Rob Lloyd, Account Manager

photo of Rob Lloyd, Bridgeman Images UK Account Manager
Rob Lloyd, Account Manager

What's your role at Bridgeman Images?

I'm an account manager in the UK sales team. My responsibilities include:

  • developing relationships with clients

  • researching project briefs for stills and footage requests

  • negotiating licences on behalf of the artists we represent and the museums and galleries whose content we administer 

I manage our relationship with some of the UK's leading publishers as well as publishing clients. I also handle copyright clearances for major exhibitions, providing a conduit between our clients’ and copyright holders and Estates.

 

What do you love most about your job? 

The variety! Every day there's a new challenge. This could be trying to find that perfect image or special piece of footage to elevate my client’s project to something special. Or guiding a client through the copyright clearance process.  It’s never dull.

 

What misconceptions do people most commonly have about the archive?

“I didn’t know you could do that” is a phrase I often hear from prospective clients. Bridgeman Images isn't simply an archive library. With nearly 50 years' experience we pride ourselves on the additional services we provide to our clients.

Don’t see something on our site you're looking for? We've a dedicated collections team who will try to find everything on your ‘wish list’ our worldwide suppliers. If you need an image manipulated, colourised or improved, we have a dedicated scanning department. Or if you are looking for ideas, one of our researchers can put together online lightboxes of stills and footage.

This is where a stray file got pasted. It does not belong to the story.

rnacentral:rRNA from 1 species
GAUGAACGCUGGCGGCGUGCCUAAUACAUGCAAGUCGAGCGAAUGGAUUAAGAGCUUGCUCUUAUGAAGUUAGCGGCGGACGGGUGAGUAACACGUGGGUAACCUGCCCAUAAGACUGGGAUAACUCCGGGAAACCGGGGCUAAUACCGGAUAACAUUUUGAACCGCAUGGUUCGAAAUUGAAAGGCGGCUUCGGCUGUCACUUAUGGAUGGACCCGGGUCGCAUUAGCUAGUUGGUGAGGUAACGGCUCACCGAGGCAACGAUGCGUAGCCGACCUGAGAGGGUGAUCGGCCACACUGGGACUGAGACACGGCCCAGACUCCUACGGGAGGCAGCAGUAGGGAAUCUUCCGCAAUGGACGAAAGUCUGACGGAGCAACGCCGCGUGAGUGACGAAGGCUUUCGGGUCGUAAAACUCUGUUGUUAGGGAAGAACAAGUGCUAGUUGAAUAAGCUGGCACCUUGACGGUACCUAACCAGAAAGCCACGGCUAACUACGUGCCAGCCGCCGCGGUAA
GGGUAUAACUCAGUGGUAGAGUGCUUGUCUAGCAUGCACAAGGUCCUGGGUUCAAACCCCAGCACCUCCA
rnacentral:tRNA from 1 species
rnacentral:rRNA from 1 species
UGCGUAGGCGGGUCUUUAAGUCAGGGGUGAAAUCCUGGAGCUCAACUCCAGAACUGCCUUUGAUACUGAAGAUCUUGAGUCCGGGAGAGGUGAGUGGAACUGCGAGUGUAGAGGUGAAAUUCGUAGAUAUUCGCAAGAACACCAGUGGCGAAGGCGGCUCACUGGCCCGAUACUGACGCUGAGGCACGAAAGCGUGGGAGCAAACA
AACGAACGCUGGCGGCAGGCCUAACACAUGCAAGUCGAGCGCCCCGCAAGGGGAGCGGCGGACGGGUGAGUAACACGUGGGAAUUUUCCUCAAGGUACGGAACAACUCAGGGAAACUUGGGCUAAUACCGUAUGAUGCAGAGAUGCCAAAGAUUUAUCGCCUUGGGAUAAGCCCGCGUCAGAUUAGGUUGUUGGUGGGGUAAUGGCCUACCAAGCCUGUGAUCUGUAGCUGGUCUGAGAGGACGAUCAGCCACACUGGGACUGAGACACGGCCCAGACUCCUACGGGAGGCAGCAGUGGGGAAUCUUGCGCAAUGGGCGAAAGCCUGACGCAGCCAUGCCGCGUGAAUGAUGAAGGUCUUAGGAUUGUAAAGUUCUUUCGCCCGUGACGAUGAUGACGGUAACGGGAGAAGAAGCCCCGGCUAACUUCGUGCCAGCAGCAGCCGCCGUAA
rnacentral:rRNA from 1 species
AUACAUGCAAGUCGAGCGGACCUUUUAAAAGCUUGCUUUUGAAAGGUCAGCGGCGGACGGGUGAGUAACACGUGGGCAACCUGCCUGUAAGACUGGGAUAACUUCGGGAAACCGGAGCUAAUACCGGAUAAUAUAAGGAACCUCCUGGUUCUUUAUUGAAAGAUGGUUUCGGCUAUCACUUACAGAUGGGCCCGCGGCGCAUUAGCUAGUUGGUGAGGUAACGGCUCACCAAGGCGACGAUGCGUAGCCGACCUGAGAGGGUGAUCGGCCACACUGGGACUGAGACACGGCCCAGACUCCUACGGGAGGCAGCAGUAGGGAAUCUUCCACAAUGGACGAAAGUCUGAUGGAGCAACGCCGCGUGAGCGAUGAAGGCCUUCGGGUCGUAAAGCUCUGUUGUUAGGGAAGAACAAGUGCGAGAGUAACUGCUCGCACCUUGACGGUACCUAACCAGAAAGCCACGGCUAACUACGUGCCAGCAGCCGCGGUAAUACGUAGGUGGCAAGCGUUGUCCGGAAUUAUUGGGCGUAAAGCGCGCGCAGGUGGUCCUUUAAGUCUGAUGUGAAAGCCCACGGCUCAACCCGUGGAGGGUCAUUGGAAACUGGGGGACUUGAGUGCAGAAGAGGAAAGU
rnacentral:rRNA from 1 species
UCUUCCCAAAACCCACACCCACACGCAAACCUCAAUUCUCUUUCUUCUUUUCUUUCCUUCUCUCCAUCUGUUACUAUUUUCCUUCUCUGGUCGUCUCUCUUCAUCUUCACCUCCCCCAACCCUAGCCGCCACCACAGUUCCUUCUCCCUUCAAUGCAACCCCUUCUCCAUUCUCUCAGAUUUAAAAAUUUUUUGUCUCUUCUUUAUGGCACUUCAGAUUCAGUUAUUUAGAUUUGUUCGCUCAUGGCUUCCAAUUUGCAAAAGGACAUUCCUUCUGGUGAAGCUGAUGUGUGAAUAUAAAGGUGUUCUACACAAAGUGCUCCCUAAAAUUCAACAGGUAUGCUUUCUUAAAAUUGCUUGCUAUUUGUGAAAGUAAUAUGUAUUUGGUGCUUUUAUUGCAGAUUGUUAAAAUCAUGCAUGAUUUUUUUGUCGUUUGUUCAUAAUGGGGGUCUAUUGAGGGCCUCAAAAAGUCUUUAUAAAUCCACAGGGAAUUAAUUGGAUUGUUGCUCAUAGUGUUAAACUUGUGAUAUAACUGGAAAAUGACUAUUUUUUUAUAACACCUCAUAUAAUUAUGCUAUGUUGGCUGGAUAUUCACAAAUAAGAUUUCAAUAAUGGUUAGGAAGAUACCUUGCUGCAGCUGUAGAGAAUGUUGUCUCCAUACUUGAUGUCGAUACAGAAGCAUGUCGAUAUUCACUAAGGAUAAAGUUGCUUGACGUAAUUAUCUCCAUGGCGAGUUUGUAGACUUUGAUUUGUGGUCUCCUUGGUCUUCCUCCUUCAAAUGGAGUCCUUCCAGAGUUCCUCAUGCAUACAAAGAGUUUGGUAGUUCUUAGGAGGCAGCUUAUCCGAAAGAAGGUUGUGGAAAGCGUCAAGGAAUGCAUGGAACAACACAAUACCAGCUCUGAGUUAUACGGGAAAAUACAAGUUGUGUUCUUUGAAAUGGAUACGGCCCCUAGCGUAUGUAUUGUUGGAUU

Rob's top picks from our archive

The Tube Train

Having lived in London for more than a decade, I've become accustomed to the perils of the daily commute. I find solace in the work of Cyril Power and his depictions of mid-20th century travel in London. 

His work is often dominated by the use of stark, aggressive angular shapes and patterns in the foreground. These are set against flowing curvature and light backgrounds. Together, they work to create both contrasting and complementary images.

The Tube Train with its rigid shapes encapsulates this. It depicts resigned commuters as they travel in one flowing tunnel. They are together in close proximity, yet travel to destinations unknown to each other.

The Tube Train, c.1934 (linocut), Cyril Edward Power (1874-1951), Private Collection, © Redfern Gallery, London / Bridgeman Images
The Tube Train, c.1934 (linocut), Cyril Edward Power (1874-1951), Private Collection, © Redfern Gallery, London / Bridgeman Images 

 

Storm in Harvest

I find this beautifully atmospheric and plays with positive and negative emotions. Sometimes I see how the small figures are compelled to work in the growing storm. They have little choice but to continue their desperate task before being consumed by the rolling thunder. 

On another viewing, I see them working tirelessly and urgently. In perfect union, they want to finish their task together against dark brooding clouds and violent lighting. It is filled with both hope and despair.

image of painting Storm in Harvest, 1856 (oil on canvas), John Linnell (1792-1882), © The Drambuie Collection, Edinburgh, Scotland / Bridgeman Images
Storm in Harvest, 1856 (oil on canvas), John Linnell (1792-1882), © The Drambuie Collection, Edinburgh, Scotland / Bridgeman Images

 

The Last Automat III

I love the way Max Ferguson brings the everyday to life.  His work often portrays modern-day New York through a nostalgic lens. This allows the viewer to witness a contemporary event or experience that has a vintage feel. He fills the image with a sense that you are witnessing the past and present simultaneously. Modern life continues unabated but remains heavily influenced by days gone by.